Some of Dell's major UK customers are concerned that they may suffer as the hardware shifts focus to expand into new product areas.
One UK user at Dell's Enterprise show in New York this week said, "As they move out of what is their core business of selling PCs, laptops and servers into other areas such as personal digital assistants and services, will there be a loss of focus on what has been their core business?"
His organisation has been using Dell servers for many years. Another major Dell user said, "There is potential for Dell to take its eye off its main game.
"At the moment we get a lot of care from our Dell server account manager and I would be fearful [of the consequences] if the company redeployed a lot of their staff to new ventures."
Dell announced plans last September to double its services revenue in the corporate sector and this year has rolled out its own brand handhelds and printers.
Speaking at the conference, Paul Bell, Dell's European president, sought to allay users’ fears that these moves would hit customer service.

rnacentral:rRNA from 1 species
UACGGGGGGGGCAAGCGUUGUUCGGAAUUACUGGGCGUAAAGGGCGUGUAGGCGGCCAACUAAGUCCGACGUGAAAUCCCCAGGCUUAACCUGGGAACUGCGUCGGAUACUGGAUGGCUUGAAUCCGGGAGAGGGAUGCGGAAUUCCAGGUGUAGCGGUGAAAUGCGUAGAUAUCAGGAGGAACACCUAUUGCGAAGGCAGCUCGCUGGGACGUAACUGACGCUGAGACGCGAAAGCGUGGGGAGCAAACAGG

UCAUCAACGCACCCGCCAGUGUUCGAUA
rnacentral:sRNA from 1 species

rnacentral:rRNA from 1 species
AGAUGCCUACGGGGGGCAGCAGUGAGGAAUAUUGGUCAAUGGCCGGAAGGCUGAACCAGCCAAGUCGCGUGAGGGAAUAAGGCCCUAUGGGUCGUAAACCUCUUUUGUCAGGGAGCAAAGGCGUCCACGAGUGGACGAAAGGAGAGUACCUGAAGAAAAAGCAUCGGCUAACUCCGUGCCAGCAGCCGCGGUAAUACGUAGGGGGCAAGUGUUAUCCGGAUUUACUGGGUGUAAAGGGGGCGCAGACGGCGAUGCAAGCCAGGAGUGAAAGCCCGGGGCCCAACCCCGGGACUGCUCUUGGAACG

“I can re-emphasise that there is a team directly accountable to the customer based at Dell,” he said.
“Our top priority is servers, storage and services - these enterprise-class products are still our core offerings,” he added.
Bell said Dell has 1,300 people in Europe, the Middle East and Africa, who solely provide technical support services to customers, while its partners have thousands of additional technicians.
He added that Dell closely monitored its customers' experience and expectations. “We do structured surveys above and beyond general customer feedback to enable us to improve our operation.”
Tony Lock, chief analyst at Bloor Research, thought Dell could maintain customer service levels while diversifying. "I wouldn't be too concerned because Dell clearly know where their bread and butter comes from," he told Computer Weekly.
"They have focused more on servers in the last few years and have done a good job at making themselves a force to be reckoned with."
Chief executive officer Michael Dell attributed the company's growth to servers, storage and services. For the quarter ending 31 January, Dell reported shipments of PowerEdge servers up 28% and revenue from external storage systems up 87%.